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Wednesday, October 28, 2009

Who's Ready for a Romantic Comedy?

One Apple Tasted
Josa Young
Genre: Romantic comedy
ISBN-13: 978-1904027713
***** five star

Reviewed by Amanda Craig for Amazon UK, Top 100 Reviewer

One Apple Tasted is by far the best-written new romantic comedy I've read this year, and I'm amazed it didn't find a more mainstream publisher.

Beginning with the adventures of Dora in the early 1980s (a period so well rendered you can almost smaell the Opium - or, in this social circle, the Floris Rose Geranium)it moves back in time to the 1950s and the 1930s, linking three generations of women in love. Dora, the second last virgin in Britain besides Lady Diana, a bright, [pretty Cambridge graduate, works on a magazine called Modern Woman (a thinly disguised version of Vogue)and is mad for the handsome, enigmatic, and it turns out depressive son of a rich man. Their mutual attraction involves much fumbling and tumbling but no actual sex, and it's something of a surprise when he proposes to her. You have to remember just how weirdly fashionable weddings were (even before Richard Curtis)to make sense of it, but they do, secretly, get married.

The story then cuts back to the start of the War, when two women meet each other in a Harley St obstetrician's. One is barely out of childhood herself, a French Jewish refugee, the other a middle aged Home Counties wife and mother. A rapport is struck, and the younger woman comes to stay with the elder. They give birth almost at the same time; opne dies and the other feeds the other's daughter. When they grow up, the refugee's child finds out how hard marrying love and lust can be.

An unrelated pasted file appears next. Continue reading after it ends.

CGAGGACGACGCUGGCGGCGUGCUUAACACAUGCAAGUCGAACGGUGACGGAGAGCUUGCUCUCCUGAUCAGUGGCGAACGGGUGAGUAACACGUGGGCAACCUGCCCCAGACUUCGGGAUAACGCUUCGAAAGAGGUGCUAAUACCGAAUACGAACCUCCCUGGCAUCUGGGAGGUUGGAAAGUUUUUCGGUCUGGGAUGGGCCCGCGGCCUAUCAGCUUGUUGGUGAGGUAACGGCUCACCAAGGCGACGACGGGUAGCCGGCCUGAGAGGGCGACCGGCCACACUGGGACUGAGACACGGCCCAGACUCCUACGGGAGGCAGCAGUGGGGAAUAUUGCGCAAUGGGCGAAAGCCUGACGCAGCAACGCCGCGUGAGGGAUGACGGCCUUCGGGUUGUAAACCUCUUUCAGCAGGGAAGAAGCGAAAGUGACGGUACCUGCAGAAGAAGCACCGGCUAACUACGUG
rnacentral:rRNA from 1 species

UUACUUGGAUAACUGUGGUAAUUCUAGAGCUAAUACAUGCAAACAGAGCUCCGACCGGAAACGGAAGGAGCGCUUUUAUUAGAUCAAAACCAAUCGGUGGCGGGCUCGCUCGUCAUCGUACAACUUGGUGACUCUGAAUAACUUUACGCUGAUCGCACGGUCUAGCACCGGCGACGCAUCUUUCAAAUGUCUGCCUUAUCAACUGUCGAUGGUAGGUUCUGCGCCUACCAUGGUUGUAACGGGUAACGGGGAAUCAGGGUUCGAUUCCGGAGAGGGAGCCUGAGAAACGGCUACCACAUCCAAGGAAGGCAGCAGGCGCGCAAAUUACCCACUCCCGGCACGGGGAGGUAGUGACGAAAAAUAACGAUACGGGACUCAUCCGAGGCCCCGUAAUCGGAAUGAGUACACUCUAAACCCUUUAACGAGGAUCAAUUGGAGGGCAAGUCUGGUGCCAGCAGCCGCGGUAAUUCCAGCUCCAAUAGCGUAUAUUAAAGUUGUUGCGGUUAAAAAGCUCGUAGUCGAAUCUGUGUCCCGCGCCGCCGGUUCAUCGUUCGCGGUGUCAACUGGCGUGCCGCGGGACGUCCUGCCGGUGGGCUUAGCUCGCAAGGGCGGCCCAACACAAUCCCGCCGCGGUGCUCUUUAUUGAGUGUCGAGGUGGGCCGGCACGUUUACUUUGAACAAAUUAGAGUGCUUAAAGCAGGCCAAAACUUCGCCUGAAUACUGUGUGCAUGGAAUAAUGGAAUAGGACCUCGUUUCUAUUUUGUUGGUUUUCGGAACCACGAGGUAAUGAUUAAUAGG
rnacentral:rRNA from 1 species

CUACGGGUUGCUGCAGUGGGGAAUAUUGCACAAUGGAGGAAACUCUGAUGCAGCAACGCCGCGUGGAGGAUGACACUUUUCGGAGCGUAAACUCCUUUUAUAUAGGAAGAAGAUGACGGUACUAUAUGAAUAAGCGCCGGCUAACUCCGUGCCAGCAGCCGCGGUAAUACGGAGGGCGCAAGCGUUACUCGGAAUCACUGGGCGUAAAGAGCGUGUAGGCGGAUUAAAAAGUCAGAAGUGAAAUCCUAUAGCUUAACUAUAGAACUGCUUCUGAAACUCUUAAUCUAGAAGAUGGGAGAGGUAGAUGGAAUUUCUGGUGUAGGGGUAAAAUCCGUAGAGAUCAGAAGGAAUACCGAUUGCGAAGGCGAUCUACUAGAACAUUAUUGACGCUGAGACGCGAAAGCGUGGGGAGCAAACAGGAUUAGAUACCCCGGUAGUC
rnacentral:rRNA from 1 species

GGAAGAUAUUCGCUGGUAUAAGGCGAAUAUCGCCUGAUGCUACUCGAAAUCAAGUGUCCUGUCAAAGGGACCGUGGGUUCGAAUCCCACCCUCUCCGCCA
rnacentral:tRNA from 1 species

It would be unfair to give away too much of the plot - and, unusually for this kind of novel, there's a lot of it, making it reminiscent of Nancy Mitford as well as Mary Wesley. The posh but poor Dora and her mother Hilly are so alike that they could be the same person - sweet, innocent, sensible and idealistic. They are absolutely charming creations, and needless to say, the men they adore come across as horribly selfish, immature and snobbish (by far the nicest is Dora's father Stephen, and I'd have liked to see more of him). I can't imagine that Dora's future is going to be a bed of roses but then she's too sensible (despite the one absolutely bonkers thing she does) to expect this.

This is very much a novel set in a particular segment of upper middle class life, where men work as art dealers and women dabble in journalism. There's a LOT about clothes, which will no doubt win Young an ardent teen audience. The scenes set in India come close to parody, and weaken the rest even if, again, this is a typical rite of passage. But what it is absolutely marvellous at is capturing the beauty and intensity of being very young and passionate, and not really knowing what to do with yourself.

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